Back to school wishesPublished 11:00pm Friday, August 10, 2012
My friend Betty Kay was 6 years old and she was going to first grade. I was only five. I had to stay home.
When you’ve been best friends with somebody all your life and she’s going off to school and leaving you at home with nobody to play with except two little boys who run around in dirty, stinky diapers and sugar sacks around their necks, then it’s time to throw a fit.
Now, Mama didn’t take too kindly to fit throwing. She would reach up on top of the refrigerator and get the keen, peach tree switch that lived up there and I’d do the switch dance.
Mama would grab my arm and start whipping that switch at my bare, bird legs. I’d start running around and around her, jumping and hollering. Around and around we’d go, doing the switch dance.
I jerked so hard on my arm, trying to get away, that my left arm is about an inch longer than my right arm.
Every time I’d done the switch dance, it had always ended in Mama’s favor.
So, I decided the best chance I had of going to school with Betty Kay was to pout.
That’s where little children fold their arms over their chests, poke out their lips, close their eyes and don’t say a single word.
“I hope it doesn’t come a freeze with your face looking like that,” Mama said. She always said that when I pouted. But it was summertime and it was hot. A freeze didn’t seem likely. So, I pouted … until Daddy came home.
Then, I changed my tune in a hurry. At our house, Daddy was the king of the castle. And nobody messed with the king.
That afternoon, Mama sat me down and told me that the schools have rules. That you have to be 6 years old to go. She said I could not go and there wasn’t anything that anybody could do about it. She said I could throw fits and I could pout but I still couldn’t go so I had better just straighten up and fly right.
Aunt Beatie came every morning and every night to milk the cow, Daisy. Most days, I’d go with her, but I didn’t feel like holding up Daisy’s tail to keep it from swatting Aunt Beatie in the face while it was swatting flies.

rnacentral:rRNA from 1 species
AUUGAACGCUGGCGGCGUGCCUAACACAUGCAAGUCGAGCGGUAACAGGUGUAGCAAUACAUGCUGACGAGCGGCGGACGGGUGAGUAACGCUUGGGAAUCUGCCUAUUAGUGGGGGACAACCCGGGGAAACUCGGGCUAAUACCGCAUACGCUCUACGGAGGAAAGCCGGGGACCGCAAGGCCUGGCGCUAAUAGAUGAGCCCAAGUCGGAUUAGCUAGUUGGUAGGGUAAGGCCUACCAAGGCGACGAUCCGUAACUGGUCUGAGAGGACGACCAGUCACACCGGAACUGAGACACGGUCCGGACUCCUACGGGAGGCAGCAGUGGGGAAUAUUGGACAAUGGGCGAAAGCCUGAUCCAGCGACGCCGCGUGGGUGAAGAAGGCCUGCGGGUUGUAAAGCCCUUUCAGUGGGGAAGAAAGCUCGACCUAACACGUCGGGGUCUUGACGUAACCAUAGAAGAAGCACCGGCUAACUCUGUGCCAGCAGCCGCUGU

I was sitting on the back steps with a sad, sad face when Aunt Beatie came by from milking. I told her that I couldn’t go to school with Betty Kay and there would only be baby boys to play with. I started crying.
Aunt Beatie held me on her lap and said sometimes we wish for things we don’t need. Maybe I didn’t need to go to school because I was too little.
Betty Kay’s mama bought her some new school dresses. I didn’t like to wear dresses so I didn’t care about that. But she got a blue writing tablet with a horse on it and a book satchel with Roy Rogers on it. That made me want to go to school so bad that I went home and cried.
A few days later, Mama said she had some really good news. I could go to school.
They had passed a new law that 5-year-old children could go to school. I squealed and jumped and turned “summer salts.” That was the happiest day of my life.
Maybe Mama bribed the school board or maybe she got the switch after the principal. Maybe she went up there and threw a fit or pouted. But, whatever she did, it worked.
I got two new dresses, a blue writing tablet with a horse on it and a Hopalong Cassidy book satchel.
Best of all, I got to go to school with Betty Kay.
But, nobody had told me that at school you had to sit down and be quiet. Or that you couldn’t hardly ever go outside and play and that the teacher has eyes in the back of her head.
You had to hold up your hand to go to the bathroom and wash your hands with soap and take a nap.
Aunt Beatie was right. Sometimes you wish for things you don’t need.
If I hadn’t gotten my wish, I’d have been at home with Mama and playing with those little boys in dirty diapers as happy as a lark.
Jaine Treadwell is features editor of The Messenger. Contact her at firstname.lastname@example.org.